Matthew Weighs In with Hard of Hearing Perspective

By Matthew Martin

Ed. Note:  Martin is a 21 year old  graduate student at the New York University’s Stern  School of Business and currently lives  in New York City.  He was born with a 50 dB bilateral hearing  loss due to a non-functioning thyroid.

I was just surfing the internet for self-discovery when I happened upon  the Hands & Voices site.  I first read  the “Social Bluffing” article and learned there was an actual term for what I’d  been doing so much all my life, ha ha. I’ve gotten very good at social bluffing  by focusing on the tone of voice, length of sentence, relative volume, and  facial expression.  (See  www.handsandvoices.org/articles/SocEmot/V9-4_bluff.htm)

A funny story you might hear from many is the difficulty my mother had  in proving that I had actually had a hearing problem. While testing in various  audiology booths, I would always look through the little window and read the  audiologist’s lips. That worked until I went to Children’s Hospital of Philadelphia,  where they covered their mouths during testing. I was four or five at the time  they finally identified my hearing loss.

I can say that I’ve re-invented myself from a clumsy kid with wires  coming out of a box strapped to my chest (1st grade) to someone who you might  be surprised has a hearing problem (by the way, I did away with the trainer,  and today I only use the hearing aids).   My biggest challenges, however, have been my social relationships and my  relationship to myself.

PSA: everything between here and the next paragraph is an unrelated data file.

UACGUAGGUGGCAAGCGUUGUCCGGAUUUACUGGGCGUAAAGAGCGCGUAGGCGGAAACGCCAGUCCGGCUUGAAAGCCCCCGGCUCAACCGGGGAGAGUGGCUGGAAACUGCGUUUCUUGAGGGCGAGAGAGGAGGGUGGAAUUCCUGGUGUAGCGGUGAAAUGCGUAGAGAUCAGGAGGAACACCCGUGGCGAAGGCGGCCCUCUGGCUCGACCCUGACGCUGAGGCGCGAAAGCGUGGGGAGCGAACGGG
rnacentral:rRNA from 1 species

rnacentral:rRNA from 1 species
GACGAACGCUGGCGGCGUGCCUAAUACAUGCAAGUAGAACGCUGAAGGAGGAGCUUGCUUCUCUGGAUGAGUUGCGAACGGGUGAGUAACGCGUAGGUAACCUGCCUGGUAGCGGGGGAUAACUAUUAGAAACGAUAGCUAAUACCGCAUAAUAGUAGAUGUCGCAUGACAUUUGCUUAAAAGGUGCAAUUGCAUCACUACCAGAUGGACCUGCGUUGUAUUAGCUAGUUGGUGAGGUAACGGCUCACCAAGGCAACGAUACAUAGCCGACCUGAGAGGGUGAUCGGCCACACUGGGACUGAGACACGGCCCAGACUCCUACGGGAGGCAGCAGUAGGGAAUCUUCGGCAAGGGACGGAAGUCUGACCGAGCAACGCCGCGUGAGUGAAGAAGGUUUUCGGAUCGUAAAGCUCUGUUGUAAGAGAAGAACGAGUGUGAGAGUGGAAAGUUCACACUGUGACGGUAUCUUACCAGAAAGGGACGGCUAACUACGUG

As I’d been looking  within myself, I realized most of my progress had, unfortunately, been driven  by self-loathing, self-criticism, and shame. From middle school and sometimes  even now, I’d try not to wear my hearing aids. The big reasons being that 1)  other people could see them and I thought it affected their behavior towards  me; 2) hearing aids reminded me of what I am—they were compact symbols of my  inadequacies (looking so awkward), so I always tried to hide them from view.

Sometimes if I was  wearing them in a social circumstance, I’d still have to say “what?” multiple  times. I felt pangs of self-loathing right then in the group conversation. I  was viewing myself through my interpretation of “their eyes” and what I thought  they perceived. It’s pretty complicated, but that’s how I felt.

Another article on  the H&V website that caught my eye was the Seaver/Schick interview on  “Cognition in the Classroom.”  It explores the  effect of hearing deficiency on a student’s social-emotional progress because  of isolation—this is HUGE. I’m still making progress, but I still haven’t had a  romantic relationship or even a short-term fling (even though many  opportunities were there) because interpreting responses and discerning  widely-variable signals is still a weak point for me.

Anyways, I just  thought I’d chime in on insights to some of my experiences.

Thank you for existing,  Hands & Voices.  ~